Thursday, July 7, 2022

Adapting to bubonic plague


Rash associated with familial Mediterranean fever (Wikicommons – Dr. H.J. Lachman)


In the eastern Mediterranean, people were likelier to survive bubonic plague if they had stronger inflammatory responses to infection in their lungs, gut, and other tissues. Today, that natural selection is attested by a high incidence of familial Mediterranean fever.


Familial Mediterranean fever is due to mutations that increase the body’s production of pyrin, a protein that assists inflammatory responses to infection of the lungs, gut, and other tissues. It’s common among eastern Mediterranean peoples, like Jews, Syrians, Armenians, Turks, Greeks, and Italians. The most common symptoms are inflammation of the abdominal lining, the joints, and the chest. Some kind of natural selection seems likely because different mutations have evolved independently to produce the same disease within the same geographic region.


Several years ago, Greg Cochran suggested this fever might be an adaptation to trypanosome parasites (Leishmaniasis). Recent research now suggests an adaptation to bacteria of the genus Yersinia. Y. pestis causes bubonic plague, whereas Y. pseudotuberculosis and Y. enterocolitica cause gastroenteritis. These pathogens are highly infectious because they decrease the body’s production of pyrin and thus reduce its ability to fight infection. To compensate for this underproduction of pyrin, there seems to have been selection for mutations that cause overproduction of pyrin, hence the high incidence of familial Mediterranean fever in populations that have coexisted with Yersinia bacteria (Loeven et al. 2020).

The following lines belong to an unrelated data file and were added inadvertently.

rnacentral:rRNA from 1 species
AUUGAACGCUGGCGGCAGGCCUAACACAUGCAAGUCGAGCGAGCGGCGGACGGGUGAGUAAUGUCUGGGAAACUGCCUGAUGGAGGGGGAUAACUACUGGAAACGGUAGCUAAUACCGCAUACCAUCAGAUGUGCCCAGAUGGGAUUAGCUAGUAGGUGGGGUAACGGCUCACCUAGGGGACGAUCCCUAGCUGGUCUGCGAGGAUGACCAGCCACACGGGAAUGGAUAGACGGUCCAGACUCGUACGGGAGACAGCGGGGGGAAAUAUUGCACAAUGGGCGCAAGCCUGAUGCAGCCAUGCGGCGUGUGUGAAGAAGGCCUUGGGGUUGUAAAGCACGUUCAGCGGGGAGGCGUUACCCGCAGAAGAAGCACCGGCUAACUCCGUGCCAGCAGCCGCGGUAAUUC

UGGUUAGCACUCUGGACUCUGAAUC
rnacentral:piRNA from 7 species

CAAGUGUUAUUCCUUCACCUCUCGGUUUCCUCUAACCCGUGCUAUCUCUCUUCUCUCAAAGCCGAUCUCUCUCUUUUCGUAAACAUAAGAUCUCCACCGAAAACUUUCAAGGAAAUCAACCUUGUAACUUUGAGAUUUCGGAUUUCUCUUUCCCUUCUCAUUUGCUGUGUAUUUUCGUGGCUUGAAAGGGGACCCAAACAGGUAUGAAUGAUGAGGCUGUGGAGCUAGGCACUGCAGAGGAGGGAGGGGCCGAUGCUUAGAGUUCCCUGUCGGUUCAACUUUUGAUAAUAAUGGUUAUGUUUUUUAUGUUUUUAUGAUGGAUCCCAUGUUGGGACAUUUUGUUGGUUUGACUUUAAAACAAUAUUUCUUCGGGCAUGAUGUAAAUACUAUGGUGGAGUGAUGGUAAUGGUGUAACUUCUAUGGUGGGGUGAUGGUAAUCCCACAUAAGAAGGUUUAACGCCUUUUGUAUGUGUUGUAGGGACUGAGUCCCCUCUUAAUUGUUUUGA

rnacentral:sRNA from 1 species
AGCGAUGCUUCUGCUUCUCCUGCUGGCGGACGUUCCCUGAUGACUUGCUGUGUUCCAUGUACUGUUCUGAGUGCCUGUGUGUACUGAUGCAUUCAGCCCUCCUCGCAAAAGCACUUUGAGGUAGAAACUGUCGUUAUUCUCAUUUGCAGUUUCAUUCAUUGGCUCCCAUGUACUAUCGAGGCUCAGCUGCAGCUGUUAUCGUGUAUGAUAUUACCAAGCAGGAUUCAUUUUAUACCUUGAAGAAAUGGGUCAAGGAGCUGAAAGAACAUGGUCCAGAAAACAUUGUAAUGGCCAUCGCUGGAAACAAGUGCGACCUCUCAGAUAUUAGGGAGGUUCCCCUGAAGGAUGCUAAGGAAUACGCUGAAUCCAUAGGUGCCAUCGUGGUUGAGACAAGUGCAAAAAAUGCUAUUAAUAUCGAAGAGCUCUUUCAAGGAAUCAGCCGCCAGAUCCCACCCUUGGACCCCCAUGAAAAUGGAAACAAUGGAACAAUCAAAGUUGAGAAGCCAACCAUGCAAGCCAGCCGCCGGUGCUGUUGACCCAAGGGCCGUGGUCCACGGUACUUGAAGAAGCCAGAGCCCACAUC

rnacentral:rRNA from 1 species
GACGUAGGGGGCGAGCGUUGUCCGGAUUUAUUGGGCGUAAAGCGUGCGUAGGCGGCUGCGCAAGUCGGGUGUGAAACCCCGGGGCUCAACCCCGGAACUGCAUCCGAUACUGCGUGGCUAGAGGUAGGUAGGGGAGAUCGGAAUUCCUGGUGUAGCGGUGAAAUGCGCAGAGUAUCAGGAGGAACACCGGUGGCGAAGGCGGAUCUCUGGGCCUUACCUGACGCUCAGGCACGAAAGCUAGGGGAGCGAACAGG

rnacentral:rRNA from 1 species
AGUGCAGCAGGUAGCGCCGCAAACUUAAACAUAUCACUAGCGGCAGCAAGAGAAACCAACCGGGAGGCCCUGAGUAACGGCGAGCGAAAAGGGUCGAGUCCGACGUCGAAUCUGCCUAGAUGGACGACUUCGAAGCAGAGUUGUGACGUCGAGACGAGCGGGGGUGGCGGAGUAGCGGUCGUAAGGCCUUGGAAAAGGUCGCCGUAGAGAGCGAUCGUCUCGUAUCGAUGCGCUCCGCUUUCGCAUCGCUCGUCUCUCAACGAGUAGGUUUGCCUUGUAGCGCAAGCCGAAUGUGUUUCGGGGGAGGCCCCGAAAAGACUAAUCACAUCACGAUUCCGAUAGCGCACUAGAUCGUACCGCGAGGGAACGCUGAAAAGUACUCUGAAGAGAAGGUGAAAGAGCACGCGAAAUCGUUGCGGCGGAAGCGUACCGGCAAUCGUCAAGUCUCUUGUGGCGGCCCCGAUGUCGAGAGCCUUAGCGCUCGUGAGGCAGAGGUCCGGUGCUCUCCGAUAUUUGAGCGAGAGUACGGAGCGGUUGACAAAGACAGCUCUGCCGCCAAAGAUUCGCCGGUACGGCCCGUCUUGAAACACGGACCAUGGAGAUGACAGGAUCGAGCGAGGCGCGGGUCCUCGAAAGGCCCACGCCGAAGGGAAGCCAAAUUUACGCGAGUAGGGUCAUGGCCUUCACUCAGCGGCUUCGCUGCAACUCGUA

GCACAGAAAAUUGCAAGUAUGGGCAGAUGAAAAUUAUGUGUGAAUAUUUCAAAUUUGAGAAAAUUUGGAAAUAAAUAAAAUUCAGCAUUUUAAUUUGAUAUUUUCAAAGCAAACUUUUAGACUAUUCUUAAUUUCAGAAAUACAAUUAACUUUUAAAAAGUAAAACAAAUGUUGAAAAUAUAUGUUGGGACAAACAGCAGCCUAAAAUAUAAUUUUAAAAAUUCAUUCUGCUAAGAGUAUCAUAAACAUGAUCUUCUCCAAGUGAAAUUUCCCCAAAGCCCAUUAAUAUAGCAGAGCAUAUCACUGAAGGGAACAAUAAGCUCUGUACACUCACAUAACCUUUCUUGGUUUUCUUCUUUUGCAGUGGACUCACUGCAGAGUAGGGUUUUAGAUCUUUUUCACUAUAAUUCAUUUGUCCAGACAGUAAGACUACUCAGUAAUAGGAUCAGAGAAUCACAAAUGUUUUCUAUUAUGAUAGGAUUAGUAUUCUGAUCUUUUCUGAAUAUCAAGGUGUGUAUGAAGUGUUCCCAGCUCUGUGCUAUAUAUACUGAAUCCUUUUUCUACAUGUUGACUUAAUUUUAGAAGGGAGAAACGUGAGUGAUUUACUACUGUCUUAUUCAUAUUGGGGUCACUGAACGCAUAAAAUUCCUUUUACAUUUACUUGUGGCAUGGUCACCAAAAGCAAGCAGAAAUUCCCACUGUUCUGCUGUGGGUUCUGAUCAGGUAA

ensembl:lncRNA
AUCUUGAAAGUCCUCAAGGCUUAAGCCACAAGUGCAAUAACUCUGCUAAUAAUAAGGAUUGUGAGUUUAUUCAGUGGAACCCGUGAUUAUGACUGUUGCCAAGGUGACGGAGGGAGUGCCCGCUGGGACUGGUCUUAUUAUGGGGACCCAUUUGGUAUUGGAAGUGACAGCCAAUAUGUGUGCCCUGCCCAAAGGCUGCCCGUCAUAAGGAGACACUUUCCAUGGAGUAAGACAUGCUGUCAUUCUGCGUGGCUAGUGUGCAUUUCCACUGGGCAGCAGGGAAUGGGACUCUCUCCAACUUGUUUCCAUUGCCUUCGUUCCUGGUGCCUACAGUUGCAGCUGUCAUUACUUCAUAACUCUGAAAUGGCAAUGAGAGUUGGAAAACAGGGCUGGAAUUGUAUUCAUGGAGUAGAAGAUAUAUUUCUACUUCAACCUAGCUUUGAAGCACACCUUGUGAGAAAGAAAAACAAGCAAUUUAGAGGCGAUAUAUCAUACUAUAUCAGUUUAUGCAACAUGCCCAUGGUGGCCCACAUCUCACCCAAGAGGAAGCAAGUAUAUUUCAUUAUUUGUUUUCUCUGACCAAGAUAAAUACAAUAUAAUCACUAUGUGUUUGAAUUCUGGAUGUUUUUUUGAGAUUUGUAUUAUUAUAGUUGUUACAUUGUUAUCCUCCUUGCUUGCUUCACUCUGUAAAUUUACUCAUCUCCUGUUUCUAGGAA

Yepiskoposyan and Harutyunyan (2007) argue that selection for familial Mediterranean fever must have begun more than 2,500 years ago, since one of the alleles responsible for it is found in different communities of the Jewish diaspora, notably Iraqi and North African Jews. That argument doesn’t convince me, since diaspora communities were not reproductively isolated. The mutation could have arisen in one community and then been spread to others by Jewish individuals moving from one place to another.


I’m inclined to believe that selection for this fever began with the earliest recorded outbreak of bubonic plague: the Plague of Justinian (541-549 AD), which killed an estimated 25 million people throughout the Mediterranean Basin and the Middle East. An earlier date is nonetheless possible, since Y. pestis has been attested in archaeological finds as far back as 5,000 years ago (Wikipedia 2022).





Chung, L.K., Y.H. Park, Y. Zheng, I.E. Brodsky, P. Hearing, D.L. Kastner, J.J. Chae, and J.B. Bliska. (2016). The Yersinia Virulence Factor YopM Hijacks Host Kinases to Inhibit Type III Effector-Triggered Activation of the Pyrin Inflammasome. Cell Host Microbe 20(3):296-306.


Cochran, G. (2015). Familial Mediterranean fever. West Hunter, January 9.


Loeven, N.A., N.P. Medici, and J.B. Bliska. (2020). The pyrin inflammasome in host-microbe interactions. Curr Opin Microbiol 54:77-86.


Wikipedia (2022). Bubonic plague.


Yepiskoposyan, L., and A. Harutyunyan. (2007) Population genetics of familial Mediterranean fever: a review. Eur J Hum Genet 15: 911–916.

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